President’s fear and hate of refugees not in line with Nevadans’ values

Posted Tuesday, 14 January 2020 ‐ Las Vegas Sun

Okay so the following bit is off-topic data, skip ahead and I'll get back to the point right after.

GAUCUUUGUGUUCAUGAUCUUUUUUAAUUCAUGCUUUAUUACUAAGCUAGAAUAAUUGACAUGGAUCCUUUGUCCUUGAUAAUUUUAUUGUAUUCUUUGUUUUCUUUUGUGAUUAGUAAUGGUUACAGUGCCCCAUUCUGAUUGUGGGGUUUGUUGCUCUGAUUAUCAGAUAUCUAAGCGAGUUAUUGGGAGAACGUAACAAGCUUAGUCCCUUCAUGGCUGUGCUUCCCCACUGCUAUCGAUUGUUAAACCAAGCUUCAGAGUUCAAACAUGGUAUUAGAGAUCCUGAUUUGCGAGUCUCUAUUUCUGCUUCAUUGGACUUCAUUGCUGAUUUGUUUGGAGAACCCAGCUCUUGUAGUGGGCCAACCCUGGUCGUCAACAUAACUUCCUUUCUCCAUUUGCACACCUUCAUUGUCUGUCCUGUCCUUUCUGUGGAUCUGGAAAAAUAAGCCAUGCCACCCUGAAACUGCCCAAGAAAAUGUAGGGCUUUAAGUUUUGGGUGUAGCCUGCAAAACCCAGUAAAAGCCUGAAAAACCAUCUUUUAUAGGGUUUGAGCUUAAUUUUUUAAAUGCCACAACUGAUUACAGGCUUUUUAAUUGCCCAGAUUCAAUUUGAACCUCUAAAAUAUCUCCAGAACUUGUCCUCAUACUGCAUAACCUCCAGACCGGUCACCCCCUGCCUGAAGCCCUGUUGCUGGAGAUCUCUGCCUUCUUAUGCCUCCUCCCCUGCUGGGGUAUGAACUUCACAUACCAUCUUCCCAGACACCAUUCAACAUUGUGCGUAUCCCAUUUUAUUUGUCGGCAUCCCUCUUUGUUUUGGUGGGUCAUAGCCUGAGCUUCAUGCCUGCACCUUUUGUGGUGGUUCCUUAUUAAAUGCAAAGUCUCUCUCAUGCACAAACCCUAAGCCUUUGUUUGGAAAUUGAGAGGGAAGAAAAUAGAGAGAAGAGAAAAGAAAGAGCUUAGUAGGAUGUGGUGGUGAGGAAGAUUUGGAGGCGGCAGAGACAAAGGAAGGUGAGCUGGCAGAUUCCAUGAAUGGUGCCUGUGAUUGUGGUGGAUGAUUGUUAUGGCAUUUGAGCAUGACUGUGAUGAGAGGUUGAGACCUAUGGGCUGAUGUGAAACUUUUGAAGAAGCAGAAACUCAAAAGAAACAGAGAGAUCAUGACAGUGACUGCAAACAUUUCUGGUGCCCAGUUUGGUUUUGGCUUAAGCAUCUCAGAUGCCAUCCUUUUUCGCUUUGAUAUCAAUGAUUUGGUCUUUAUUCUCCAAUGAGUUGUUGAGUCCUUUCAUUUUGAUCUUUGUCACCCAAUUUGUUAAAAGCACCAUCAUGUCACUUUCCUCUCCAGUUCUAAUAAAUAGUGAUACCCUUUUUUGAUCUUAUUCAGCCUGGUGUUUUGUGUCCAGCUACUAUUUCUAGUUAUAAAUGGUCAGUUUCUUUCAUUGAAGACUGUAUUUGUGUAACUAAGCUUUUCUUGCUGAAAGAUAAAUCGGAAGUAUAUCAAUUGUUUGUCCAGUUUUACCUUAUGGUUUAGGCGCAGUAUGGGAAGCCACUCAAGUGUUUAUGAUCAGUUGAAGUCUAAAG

State and local leaders in Nevada are putting our Silver State pride on full display in rejecting President Donald Trump’s hateful effort to close America’s doors to refugees. Responding to Trump’s executive order from September that barred refugees from resettling in any state or municipality without written consent, the largest governmental bodies in Nevada have all notified the Trump administration that they will continue to welcome refugees. The list includes the state of Nevada and the cities of Las Vegas, North Las Vegas, Henderson and Reno. Clark County is set to follow suit next week when the county commission considers a resolution on the issue. Bravo all around. The willingness to provide safe new homes for people who are fleeing violence and persecution occupies a special place in our national conscience. It’s one of our most treasured and noble values, and it’s played a key role in maintaining our global leadership role as a beacon of freedom and security. But this isn’t just a one-way street. Refugees benefit our communities by enriching our culture, adding to our diversity, contributing to our economies, bringing innovations to our industries and in many, many other ways. Studies show that refugees have unusually high workforce participation and provide a healthy net effect on the economy — $63 billion, according to a report from the Department of Health and Human Services that examined refugee impacts from 2004 to 2015. That’s amazing, considering these newcomers are starting their lives over from scratch and generally face a significant language barrier. Shamefully, the Trump administration is shutting off access to refugees at an alarming rate, saying it plans to cap admissions at 18,000 in the next fiscal year. That’s down from 110,000 allowed by President Barack Obama during his last year in office. For Trump, the cap is another weapon in his racist, un-American war against people of color and believers in faiths other than Christianity. His infamous comments denigrating “s***hole countries” and supporting more immigration from predominantly white nations may have been in regard to immigration in general, but they also spoke volumes about his view of refugees. Nevada’s leaders scored a victory against this bigotry in keeping our doors open to refugees. That’s important at a time when refugee numbers worldwide are climbing due to conflicts in Syria and elsewhere, as well as climate extremes that are driving individuals out of their homelands. Worse yet, the need is becoming more critical due to the actions of people in our own country. Texas in recent days became the first state to close itself off to refugees — a significant development considering that state ranks No. 1 for resettlements. Texas’ Republican governor, Greg Abbott, claimed the action was necessary due to last year’s surge of immigrants from Central America and the strain it put on social services. “Texas continues to have to deal with the consequences of an immigration system that Congress has failed to fix,” Abbott wrote to Secretary of State Mike Pompeo. But critics of Abbott’s decision shot that justification full of holes. The Fort Worth Star-Telegram’s editorial board noted that social services and charitable agencies that work with refugees said the state could take on more refugees while continuing to serve those who had already resettled. The board explained that Trump’s cap on refugees would reduce the number coming to Texas. “Even if Texas took a disproportionate share, as Abbott noted it has in years past, it would be a relatively small job for the state,” the board wrote. “And it’s important to note that refugee resettlement is separate from the illegal immigration debate. Refugees are screened and come to the U.S. through an extensive legal process.” Nevadans can be thankful and relieved that our leaders responded to Trump’s order in the proper way — by upholding our values of helping those in desperate need and recognizing our ability and willingness to provide them with a safe new home.

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